The CHR spokesperson noted that the CPP in a statement has admitted that civilian properties were destroyed or damaged by NPA in the course of several operations.

“[T]he CPP claims that those who have suffered damages were compensated,” de Guia said.

‘The proper venue’

De Lima however said the CHR is not the venue for the filing of such complaints against the NPA as an agreement has been signed between the GRP and the NDFP for exactly such a mechanism.

The GRP and the NDFP signed the Comprehensive Agreement on Respect for Human Rights and International Humanitarian Law (CARHRIHL) on March 16, 1998 in The Hague, The Netherlands establishing a Joint Monitoring Committee (JMC) to receive and investigate reports of human rights and IHL violations by either party.

De Lima reminded the AFP that if it wants to file complaints against the CPP and NPA, the most appropriate thing it can do is to ask GRP President Rodrigo Duterte as GRP principal to file through his representative complaints against the underground groups to the NDFP Section of the JMC.

“Unlike the GRP under the Duterte regime which engages in fascist crimes of state terrorism, the NDFP strictly adheres directly to the international law on human rights and humanitarian conduct in war as well as through the provisions of CARHRIHL,” de Lima said. # (Raymund B. Villanueva)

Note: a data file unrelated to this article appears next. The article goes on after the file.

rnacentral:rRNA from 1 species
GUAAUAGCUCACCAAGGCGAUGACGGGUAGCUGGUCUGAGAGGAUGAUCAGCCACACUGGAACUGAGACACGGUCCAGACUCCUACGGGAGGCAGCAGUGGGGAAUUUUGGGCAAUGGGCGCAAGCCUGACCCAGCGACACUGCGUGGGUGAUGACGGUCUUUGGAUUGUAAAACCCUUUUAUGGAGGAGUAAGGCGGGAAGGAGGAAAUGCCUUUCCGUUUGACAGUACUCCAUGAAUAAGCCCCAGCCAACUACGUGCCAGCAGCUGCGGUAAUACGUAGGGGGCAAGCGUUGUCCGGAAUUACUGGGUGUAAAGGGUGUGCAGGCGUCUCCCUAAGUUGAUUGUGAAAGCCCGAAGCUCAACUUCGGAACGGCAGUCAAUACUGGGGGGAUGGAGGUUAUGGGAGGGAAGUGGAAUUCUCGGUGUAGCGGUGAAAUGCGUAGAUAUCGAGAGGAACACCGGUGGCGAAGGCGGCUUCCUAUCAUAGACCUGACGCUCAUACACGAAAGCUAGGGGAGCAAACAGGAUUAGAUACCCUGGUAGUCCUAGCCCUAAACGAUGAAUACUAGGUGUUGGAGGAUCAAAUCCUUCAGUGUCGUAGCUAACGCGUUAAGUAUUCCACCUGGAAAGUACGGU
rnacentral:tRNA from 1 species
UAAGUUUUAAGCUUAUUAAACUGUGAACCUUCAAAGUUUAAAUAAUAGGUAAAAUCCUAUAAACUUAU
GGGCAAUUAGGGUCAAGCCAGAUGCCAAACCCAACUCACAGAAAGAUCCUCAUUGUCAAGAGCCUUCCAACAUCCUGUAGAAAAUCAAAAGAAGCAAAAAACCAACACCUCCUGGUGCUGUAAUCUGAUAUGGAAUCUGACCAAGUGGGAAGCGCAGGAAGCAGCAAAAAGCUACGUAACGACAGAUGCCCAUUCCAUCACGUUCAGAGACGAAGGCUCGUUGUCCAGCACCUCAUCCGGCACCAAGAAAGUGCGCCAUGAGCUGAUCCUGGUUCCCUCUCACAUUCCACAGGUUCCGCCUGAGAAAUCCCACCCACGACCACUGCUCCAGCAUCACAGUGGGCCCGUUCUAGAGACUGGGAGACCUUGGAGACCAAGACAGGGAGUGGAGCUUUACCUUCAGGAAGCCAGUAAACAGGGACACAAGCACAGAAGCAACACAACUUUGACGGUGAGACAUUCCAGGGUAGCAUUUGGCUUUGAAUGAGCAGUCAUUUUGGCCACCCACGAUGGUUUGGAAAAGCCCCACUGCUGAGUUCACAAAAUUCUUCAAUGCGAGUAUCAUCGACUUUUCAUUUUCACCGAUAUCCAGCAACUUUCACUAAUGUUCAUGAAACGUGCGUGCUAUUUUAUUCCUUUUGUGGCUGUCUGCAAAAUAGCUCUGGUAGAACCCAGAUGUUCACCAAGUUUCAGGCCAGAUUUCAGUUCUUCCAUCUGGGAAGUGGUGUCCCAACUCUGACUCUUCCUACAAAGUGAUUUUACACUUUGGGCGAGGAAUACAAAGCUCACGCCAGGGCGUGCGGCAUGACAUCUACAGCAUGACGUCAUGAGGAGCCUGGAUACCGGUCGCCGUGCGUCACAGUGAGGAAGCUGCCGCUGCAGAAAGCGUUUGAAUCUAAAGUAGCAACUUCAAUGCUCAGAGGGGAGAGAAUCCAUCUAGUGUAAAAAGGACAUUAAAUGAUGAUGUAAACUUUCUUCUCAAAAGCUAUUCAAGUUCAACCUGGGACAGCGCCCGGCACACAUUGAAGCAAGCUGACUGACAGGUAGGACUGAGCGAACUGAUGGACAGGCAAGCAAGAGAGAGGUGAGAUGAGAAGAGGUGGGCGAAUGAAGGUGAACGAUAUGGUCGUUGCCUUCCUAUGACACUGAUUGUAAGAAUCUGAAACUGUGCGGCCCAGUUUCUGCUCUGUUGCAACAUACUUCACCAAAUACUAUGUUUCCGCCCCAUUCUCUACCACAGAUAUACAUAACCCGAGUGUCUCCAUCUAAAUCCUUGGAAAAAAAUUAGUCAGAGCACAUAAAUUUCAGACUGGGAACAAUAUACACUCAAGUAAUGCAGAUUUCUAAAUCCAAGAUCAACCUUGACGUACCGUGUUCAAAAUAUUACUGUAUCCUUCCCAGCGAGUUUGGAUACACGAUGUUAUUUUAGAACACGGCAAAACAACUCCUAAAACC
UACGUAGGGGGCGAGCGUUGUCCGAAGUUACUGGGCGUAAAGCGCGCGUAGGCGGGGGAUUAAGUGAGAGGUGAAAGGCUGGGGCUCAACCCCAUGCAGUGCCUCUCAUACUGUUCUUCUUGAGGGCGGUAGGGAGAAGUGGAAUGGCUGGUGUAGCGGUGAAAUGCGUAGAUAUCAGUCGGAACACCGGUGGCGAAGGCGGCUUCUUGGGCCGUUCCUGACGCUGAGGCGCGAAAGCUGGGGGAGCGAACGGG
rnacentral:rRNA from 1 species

Left to discuss peace talks resumption with Leni

The National Democratic Front of the Philippines (NDFP) said it plans to engage in discussions with Vice President Leni Robredo for the resumption of its peace negotiations with the Government of the Republic of the Philippines (GRP).

Recently-appointed NDFP Negotiating Panel interim chairperson Julie de Lima said the Left should “engage the (GRP’s) constitutional successor to press for the resumption of the peace negotiation as a rallying point in the effort to oust [GRP President Rodrigo] Duterte,” the Communist Party of the Philippines’ Ang Bayan reported.

“[T]he NDFP, including its panel, should hold discussions with opposition parties, in particular, the Liberal Party,” de Lima told the underground newsletter.

She added that prospects for resuming the peace negotiations after Duterte, whether he is ousted or he finishes his term, “are possible and desirable.”

De Lima pointed out the peace negotiations can immediately resume on the Comprehensive Agreement on Social and Economic Reforms (CASER) once Duterte is out of office.  

Duterte cancelled the peace negotiations in July 2017 as both the GRP and NDFP were ready to finalize important agreements under the CASER.

Prior to her new appointment, de Lima is a long-time NDFP Negotiating Panel member and head of its Reciprocal Working Committee on Social and Economic Reforms.

CASER to combat COVID-19

The CASER, de Lima said, has relevant provisions on confronting the issue of the Covid-19 pandemic.

“The draft agreement has a whole article consisting of seven sections which are devoted to the discussion of the people’s right to health. This includes the establishment of a universal public health system that provides free, comprehensive and quality health services for all,” de Lima explained.

The CASER provides immediate and adequate financial, material, moral and psychosocial support, ensuring disaster preparedness and respons, and holding criminally and civilly liable corrupt and grossly negligent officials, she added.

“The NDFP and GRP can elaborate on the issue based on a summing up of experience and learning lessons from both sides as well as from the positive and negative practices of foreign countries and international agencies in responding and confronting this particular pandemic as well as other pandemics.”

Robredo has yet to respond to Kodao’s request for a reply to de Lima’s statement. # (Raymund B. Villanueva)